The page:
Published July 23, 2013
Apparently, even virtual currencies can be hit by real Ponzi schemes.
The Securities and Exchange Commission charged a Texas man and his company on Tuesday with defrauding investors in a Ponzi scheme involving increasingly-popular digital currency Bitcoin.
The allegations, coupled with a new investor alert warning about potential fraud in virtual currencies, highlight how U.S. regulators are paying attention to Bitcoin and similar currencies.
The agency said Trendon Shavers, founder of Bitcoin Savings and Trust, raised at least 700,000 Bitcoins, worth about $4.5 million based on average prices in 2011 and 2012, by selling investments denominated in the virtual currency. Today, 700,000 Bitcoins are worth more than $60 million.
“In reality, BTCST was a sham and a Ponzi scheme,” the SEC said in a statement.
According to the complaint, Shavers promised to pay investors up to 7% in weekly interest based on his firm’s market arbitrage activity, but the SEC said he used Bitcoin from new investors to make purported interest payments and cover investor withdrawals. Shavers also allegedly used investors’ Bitcoin for his own personal use like to pay rent and to gamble as well as for day trading in his account on a digital currency exchange.
“Shavers preyed on investors in an online forum by claiming his investments carried no risk and huge profits for them while his true intentions were rooted in nothing more than personal greed,” said Andrew Calamari, director of the SEC’s New York regional office.
In a complaint filed in U.S. District Court for the Eastern District of Texas, the SEC charged Shavers and his company with offering and selling investments in violation of the anti-fraud and registration provisions of securities laws.
The agency is seeking a court order to freeze the assets of Shavers and BTCST and other relief, including permanent injunctions, financial penalties and disgorgement of ill-gotten gains with interest.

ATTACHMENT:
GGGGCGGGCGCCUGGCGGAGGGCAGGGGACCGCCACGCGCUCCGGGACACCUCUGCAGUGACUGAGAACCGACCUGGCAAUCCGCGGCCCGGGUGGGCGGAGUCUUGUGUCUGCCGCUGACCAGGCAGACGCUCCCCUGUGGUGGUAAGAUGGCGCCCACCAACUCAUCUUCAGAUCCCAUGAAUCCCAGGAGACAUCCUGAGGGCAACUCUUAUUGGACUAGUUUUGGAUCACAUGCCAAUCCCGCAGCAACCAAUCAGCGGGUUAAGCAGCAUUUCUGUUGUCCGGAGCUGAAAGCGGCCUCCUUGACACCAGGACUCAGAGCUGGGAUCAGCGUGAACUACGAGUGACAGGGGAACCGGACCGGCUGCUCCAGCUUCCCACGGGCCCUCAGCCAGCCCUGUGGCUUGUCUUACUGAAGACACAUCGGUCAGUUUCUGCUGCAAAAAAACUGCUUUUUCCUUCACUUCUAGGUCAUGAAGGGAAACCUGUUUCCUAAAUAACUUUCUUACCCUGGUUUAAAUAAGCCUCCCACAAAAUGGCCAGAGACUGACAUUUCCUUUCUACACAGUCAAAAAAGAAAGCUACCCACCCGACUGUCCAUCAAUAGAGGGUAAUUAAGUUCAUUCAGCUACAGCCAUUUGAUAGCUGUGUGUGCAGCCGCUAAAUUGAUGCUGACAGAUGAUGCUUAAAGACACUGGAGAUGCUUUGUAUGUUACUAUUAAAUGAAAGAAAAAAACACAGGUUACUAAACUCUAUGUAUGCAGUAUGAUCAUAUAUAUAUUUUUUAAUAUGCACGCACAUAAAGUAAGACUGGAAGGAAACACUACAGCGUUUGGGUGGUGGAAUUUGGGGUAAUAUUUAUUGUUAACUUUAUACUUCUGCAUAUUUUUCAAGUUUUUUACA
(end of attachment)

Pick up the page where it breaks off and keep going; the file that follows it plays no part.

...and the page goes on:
“Fraudsters are not beyond the reach of the SEC just because they use Bitcoin or another virtual currency to mislead investors and violate the federal securities laws,” Calamari said.
According to the complaint, Shavers lured investors through general solicitations on a Bitcoin discussion website, posting messages such as: “I have yet to come close to taking a loss on any deal” and “risk is almost 0.”
In addition to the charges, the SEC also issued an investor alert on Tuesday warning investors the agency is concerned that “the rising use of virtual currencies in the global marketplace may entice fraudsters to lure investor into Ponzi and other schemes.”
Any investment in securities in the U.S. is subject to the SEC's jurisdiction “regardless of whether the investment is made in U.S. dollars or a virtual currency," the agency said. Individuals selling investments are typically subject to federal or state licensing requirements.
The SEC spelled out a number of common red flags, including high returns with little or no risk, “overly consistent returns,” unregistered investments, unlicensed sellers, secretive and/or complex strategies, issues with paper work and difficulty receiving payments.
Earlier this month, Cameron and Tyler Winklevoss, high-profile backers of Bitcoin, disclosed plans to file for an initial public offering that would track the price of the volatile and controversial virtual currency. The twins, who are known for accusing Mark Zuckerberg of stealing their idea for Facebook (FB), want to raise $20 million in the offering.